How to lead trad better – Eight top climbing tips

Lead trad better climb

Trad lead climbing is a tricky game balancing the pure physical climbing with the need to stop and handle a whole host of paraphernalia to protect the route appropriately. As with many things in life, it pays to be organised. Follow these eight tips to lead trad better on the sharp end of the rope, writes James Thacker, IFMGA Mountain Guide.

 

  1. Check the fundamentals. Before setting off on any lead it is worthwhile to have a routine. Banish any worries about knots and the rope by checking after tying in and ensuring the rope is flaked out to avoid any obstructions when paying out. You don’t want to interrupt your big lead as your mate untangles the rope.

 

  1. Clean your boots. We love investing in the latest rock shoe technology to aid our vertical progress. But don’t make the mistake of setting off with grass and sheep poo on the bottom of them. Give boots a good clean so that they are free from grit and other nasties, and even “squeak” and warm the rubber with you hands before stepping off the deck.

 

  1. Break it down. How often have you looked up to see an enormous task? Break it down into stages, and look for rests. When you climb upwards try and reward yourself when you complete a stage however long it takes. You can then think of a route or project in positive terms even if you don’t get up it first time. “I climbed all but one section”, rather than “I failed”…!

 

  1. Be organised. Have a system to organise all your gear on your harness, in extremis you want to be able to find that crucial bit of gear. Items like your belay plate and screw gate karabiners are unlikely to be required mid pitch o stash them at the back of your harness out of the way. A useful exercise is to be able to find your kit with your eyes closed, a good one to try at ground level.

 

  1. Anticipate Rests. Try and anticipate where you might be able to get a hands off rest, or even place protection from a restful position. Remember that sometimes it might make sense to be tactical and reverse a few moves to get a good rest before launching into the crux. It’s not cheating to stack the odds in your favour.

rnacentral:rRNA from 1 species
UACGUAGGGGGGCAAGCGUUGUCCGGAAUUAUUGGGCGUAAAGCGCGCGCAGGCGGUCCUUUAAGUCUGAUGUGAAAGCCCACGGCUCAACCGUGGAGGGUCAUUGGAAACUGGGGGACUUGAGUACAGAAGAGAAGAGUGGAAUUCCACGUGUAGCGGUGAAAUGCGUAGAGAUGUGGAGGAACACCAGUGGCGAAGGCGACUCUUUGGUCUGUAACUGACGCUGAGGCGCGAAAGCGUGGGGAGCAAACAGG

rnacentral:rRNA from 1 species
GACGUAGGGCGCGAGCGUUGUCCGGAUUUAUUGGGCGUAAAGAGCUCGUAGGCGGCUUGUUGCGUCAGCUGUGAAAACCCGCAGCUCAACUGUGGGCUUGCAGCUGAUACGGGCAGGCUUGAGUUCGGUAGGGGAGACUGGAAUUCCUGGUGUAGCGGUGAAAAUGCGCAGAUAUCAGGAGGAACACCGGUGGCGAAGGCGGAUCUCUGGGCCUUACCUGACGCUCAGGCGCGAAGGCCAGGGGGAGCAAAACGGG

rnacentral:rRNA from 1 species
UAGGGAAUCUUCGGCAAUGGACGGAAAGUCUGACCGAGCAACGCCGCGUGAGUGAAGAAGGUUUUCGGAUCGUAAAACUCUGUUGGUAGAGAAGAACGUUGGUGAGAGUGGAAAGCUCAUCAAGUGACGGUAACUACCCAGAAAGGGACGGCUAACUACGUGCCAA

1. Choose your battle. When stepping up a grade chose routes that inspire you but also suit your style. If you like technical vertical walls, go for these routes rather than trying to break into the next grade on a massively overhanging roof. The likes of which you have probably avoided in the past.

 

  1. Choose your partner. Faith in your partner is essential, not only in their technical ability but in the knowledge that they will give you a nice tight rope when required or quickly pay out the slack to anticipate that tricky clip. Having a good relationship with your partner is imperative and knowing that they will also encourage you to go for it when required is essential. Finally, it’s also handy if they know when to remain silent allowing you to concentrate your thoughts towards the crux.

 

8. Customise your kit. Have a good look at the route ahead and try and customise your kit accordingly. Rarely, does it make sense to carry a full rack for all occasions allowing you to save some weight. A full rack of large cams isn’t going to help you on a small peg scarred finger crack either, so double up on the wires instead and maximise your protection possibilities.

For more top climbing tips (and for your own tailored experience of trad climbing) contact James Thacker at Off Piste Performance

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